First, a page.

Headmaster explains Bakhtiyari backflip
The headmaster of the Adelaide Jesuit school attended by deported asylum seekers Alamdar and Montazar, yesterday suggested they had turned on their lawyers because of the failed strategy of attempting asylum at the British Consulate in Melbourne.
The Australian reports that the teenage sons of Australia's highest-profile asylum-seekers, the Bakhtiyari family, have apologised to the Howard Government for the "lies" of their advocates they now say prompted their deportation.
At the end of last month, the Government turned down requests to reopen the case after reports that Departmental officials had mistakenly concluded that their claim to be from Afghanisatan - and not Pakistan - were false.
The boys came to national prominence in 2002 when refugee activists deposited them at the British consulate in Melbourne and demanded they be given asylum after facilitating their escape from the now-defunct Woomera detention centre.
In an interview with the ABC's Lateline aired last night, Alamdar, 16, and Montazar, 14, apologised to the Federal Government, appealing to be allowed to return to Australia to complete their education.
"I don't blame the Australian Government for all this ... I blame those who said they were helping us but they were not."
Until they left Australia at the beginning of this year, they had been students at St Ignatius College in Adelaide.
Headmaster Fr Greg O'Kelly told The Australian that he could understand Alamdar's frustrations but felt he was being unfair.
"Alamdar is the one who has been the most bitter about his treatment ... I think he's being very unfair to those lawyers who went to considerable sacrifices on their behalf."
Alamdar's comments were also perceived as an attack on the Refugee Action Coalition, which co-ordinated the British consulate episode.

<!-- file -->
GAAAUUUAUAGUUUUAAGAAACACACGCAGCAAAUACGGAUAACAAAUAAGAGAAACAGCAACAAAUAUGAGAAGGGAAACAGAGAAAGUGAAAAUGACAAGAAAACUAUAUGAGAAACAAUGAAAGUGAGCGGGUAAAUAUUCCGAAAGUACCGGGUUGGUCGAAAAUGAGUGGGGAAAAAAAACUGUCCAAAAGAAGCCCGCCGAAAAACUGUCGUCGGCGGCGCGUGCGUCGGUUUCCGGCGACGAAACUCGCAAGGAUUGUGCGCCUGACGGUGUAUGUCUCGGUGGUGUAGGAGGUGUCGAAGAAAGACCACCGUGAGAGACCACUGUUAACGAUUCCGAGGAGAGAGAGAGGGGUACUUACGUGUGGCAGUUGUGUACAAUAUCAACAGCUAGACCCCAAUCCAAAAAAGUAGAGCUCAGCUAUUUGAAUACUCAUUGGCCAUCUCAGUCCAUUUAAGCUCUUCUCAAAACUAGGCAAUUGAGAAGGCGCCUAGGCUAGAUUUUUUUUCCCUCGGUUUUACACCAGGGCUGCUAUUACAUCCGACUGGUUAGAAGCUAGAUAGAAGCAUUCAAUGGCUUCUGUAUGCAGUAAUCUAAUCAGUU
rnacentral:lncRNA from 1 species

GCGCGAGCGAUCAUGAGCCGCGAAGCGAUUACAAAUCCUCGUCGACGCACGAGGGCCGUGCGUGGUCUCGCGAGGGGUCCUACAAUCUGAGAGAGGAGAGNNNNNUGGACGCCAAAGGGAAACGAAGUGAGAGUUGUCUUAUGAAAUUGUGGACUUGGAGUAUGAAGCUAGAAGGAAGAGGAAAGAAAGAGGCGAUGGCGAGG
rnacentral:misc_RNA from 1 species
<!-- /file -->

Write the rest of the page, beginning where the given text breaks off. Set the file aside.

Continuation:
"They made a plan for us. I wasn't going to go to the British consulate, but the plan was made. We were taken and used," Alamdar said.
Fr O'Kelly said he felt it was "a rash mistake" that "gave a 12-year-old and a 14-year-old - who wouldn't even have known where Melbourne was, let alone the British consulate - a national notoriety that wouldn't have done them any good".
Meanwhile Dale West, director of Catholic welfare agency Centacare and a long-time advocate and friend of the Bakhtiyari family, said he hoped to talk to the boys about "where they're coming from".
Bakhtiyaris apologise for 'lies' (The Australian/news.com.au 6/10/05)
LINKS (not necessarily endorsed by Church Resources)
Saint Ignatius' College
Centacare head points finger on Bakhtiyaris (CathNews 29/9/05)
Brothers sorry for asylum lies (Herald-Sun 6/10/05)
Bakhtiyaris arrive back in Afghanistan (CathNews 20/1/05)
Bakhtiaris 'headed for Afghanistan' according to Centacare head (CathNews 5/1/05)
Bakhtiyaris deported to save face, says Centacare head (CathNews 4/1/05)
Fears for Bakhtiyaris' safety after deportation (CathNews 24/12/04)
Brigidine says Bakhtiyari family 'victims of cruel deed' (CathNews 23/12/04)
NZ refuses Bakhtiyari pleas (CathNews 21/12/04)
Headmaster blasts 'totalitarian' act on family (CathNews 21/12/04)
Students rally behind detained Bakhtiyari family (CathNews 20/12/04)
Headmaster optimistic over Bakhtiyari claims re-examination (CathNews 31/8/04)
Centacare director 'devastated' by Govt demands (CathNews 30/6/04)
Bishop's increased concern over Baxter situation (CathNews 13/12/04)
6 Oct 2005